Monday, 18 June 2012
' Huge and hairy and mute. . .he may be so large that his legs alone have the sizes of tress. His temper when aroused is terrible and his first impulse that of tearing trespasses to pieces. When moved to revenge, he nay make lakes disappear and towns sink to the ground. He devours human beings, preferring unbaptised children, and - according to a belief held in Italian Tyrol and in the Grisons in Switzerland- makes a practice of exchanging his own worthless progeny for human offspring'
Richard Bernheimer, Wild Men in the Middle Ages.
15th century manuscript illustration of Nebuchanezzar, the Babylonian king from the Old Testament Book of Daniel,
'During that time he lived away from others, eating grass for food and letting his hair and nails grow wild. In the the Middle Ages some mad persons were allowed to go free, and they usually drifted to the woods in order to live unmolested.'
Daniel Farson, Vampires, Zombies & Monster Men
Three students and a card board reconstruction of the huge figure that pursued them from their campsite, loping along after their pickup truck in Angles National Forest, Southern Californa, 1973.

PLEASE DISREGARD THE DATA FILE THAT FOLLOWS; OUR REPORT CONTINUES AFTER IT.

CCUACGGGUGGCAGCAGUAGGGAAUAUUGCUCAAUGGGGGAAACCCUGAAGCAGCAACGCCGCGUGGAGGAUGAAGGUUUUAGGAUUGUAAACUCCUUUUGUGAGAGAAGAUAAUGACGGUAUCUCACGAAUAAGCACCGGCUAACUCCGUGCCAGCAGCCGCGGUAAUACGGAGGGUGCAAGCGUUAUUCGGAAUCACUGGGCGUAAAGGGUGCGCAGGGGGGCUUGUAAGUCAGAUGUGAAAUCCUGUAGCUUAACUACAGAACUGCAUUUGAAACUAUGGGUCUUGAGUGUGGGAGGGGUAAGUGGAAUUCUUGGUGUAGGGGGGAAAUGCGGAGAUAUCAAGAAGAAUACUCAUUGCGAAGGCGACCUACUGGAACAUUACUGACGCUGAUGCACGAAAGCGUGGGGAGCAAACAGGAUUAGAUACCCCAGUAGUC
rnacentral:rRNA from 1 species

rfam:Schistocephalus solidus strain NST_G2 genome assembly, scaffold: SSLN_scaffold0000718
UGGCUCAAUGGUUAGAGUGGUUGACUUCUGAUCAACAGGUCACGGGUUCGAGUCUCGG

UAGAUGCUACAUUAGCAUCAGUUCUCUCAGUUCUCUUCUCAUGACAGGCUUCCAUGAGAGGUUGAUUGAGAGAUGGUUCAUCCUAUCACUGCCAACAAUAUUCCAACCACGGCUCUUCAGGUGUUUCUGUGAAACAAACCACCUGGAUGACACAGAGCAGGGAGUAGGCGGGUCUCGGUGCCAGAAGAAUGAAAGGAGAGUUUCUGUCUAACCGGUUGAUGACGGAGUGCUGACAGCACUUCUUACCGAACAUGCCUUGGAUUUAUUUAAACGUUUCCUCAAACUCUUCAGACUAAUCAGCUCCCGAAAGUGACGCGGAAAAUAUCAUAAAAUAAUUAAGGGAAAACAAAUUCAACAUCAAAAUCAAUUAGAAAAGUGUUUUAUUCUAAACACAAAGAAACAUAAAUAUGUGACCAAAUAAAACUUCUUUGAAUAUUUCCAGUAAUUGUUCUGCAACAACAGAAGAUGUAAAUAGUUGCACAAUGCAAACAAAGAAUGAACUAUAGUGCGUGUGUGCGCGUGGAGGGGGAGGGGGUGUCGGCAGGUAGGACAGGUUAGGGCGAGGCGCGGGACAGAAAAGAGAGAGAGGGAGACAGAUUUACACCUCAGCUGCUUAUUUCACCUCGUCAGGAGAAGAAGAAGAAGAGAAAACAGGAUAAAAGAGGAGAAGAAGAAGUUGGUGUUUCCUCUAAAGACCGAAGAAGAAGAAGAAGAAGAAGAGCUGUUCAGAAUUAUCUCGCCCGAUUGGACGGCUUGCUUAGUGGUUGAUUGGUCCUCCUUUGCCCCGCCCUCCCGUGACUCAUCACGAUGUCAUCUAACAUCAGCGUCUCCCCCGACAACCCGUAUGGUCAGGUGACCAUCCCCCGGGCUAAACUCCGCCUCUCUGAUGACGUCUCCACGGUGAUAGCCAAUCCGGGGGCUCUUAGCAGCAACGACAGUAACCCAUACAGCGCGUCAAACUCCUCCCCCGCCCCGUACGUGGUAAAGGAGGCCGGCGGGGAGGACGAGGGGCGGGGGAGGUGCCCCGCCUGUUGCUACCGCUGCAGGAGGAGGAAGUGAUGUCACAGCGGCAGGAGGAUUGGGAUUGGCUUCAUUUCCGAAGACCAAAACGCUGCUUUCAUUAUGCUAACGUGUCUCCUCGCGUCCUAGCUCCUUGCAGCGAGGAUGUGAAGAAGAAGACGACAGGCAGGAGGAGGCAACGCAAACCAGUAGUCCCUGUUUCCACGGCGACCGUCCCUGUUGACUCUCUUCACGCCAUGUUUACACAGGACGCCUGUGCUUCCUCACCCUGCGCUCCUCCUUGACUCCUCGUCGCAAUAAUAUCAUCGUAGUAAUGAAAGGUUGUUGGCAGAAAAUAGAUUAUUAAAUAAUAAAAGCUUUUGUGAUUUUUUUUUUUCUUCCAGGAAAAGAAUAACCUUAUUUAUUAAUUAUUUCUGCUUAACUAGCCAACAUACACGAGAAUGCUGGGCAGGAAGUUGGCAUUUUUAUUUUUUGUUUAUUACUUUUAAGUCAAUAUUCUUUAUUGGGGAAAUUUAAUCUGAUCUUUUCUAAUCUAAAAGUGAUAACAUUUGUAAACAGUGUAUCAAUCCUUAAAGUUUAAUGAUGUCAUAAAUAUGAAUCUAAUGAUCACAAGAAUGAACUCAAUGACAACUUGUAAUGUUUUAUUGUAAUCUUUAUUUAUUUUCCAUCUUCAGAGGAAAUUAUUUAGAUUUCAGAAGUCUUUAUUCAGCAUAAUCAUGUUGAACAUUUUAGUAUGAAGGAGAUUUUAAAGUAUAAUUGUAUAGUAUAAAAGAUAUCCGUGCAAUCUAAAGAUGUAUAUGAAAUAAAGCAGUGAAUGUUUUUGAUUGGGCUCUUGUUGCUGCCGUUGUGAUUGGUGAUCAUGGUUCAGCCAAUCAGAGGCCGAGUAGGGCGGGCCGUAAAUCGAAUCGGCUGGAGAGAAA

We feed on wild fruit and roots, drink the clear water of springs and warm ourselves by the light of the sun.Our garment is the mossy foliage and grass which serve also as our bed and bedspreads . . .company and pleasure we find in the wild animals of the woods, for since we do them no harm, they let us live in peace. . .We exult in brotherly love and have never had any strife among us, for each does to the other as he would want him to do to himself'
The Lament of the Wild Man about the Unfaithful World
above the remote Bluff Creek wilderness,
dwindling sanctum of strange man-ape beings,
I felt a kinship with those lost hearts beating hugley against the fall of time.
And as night gathered in the long canyons
I took the headlamp which would light me down
and signaled out across the miles; so, linked
at least in ceremony, Bigfoot and I moved
in separate sorrows along our evenings trails.
As published in the Mountain Gazette, July 1975.
A 17th century engraving of a Wildman discovered in Java.
Posted by Stephen Fowler at 17:51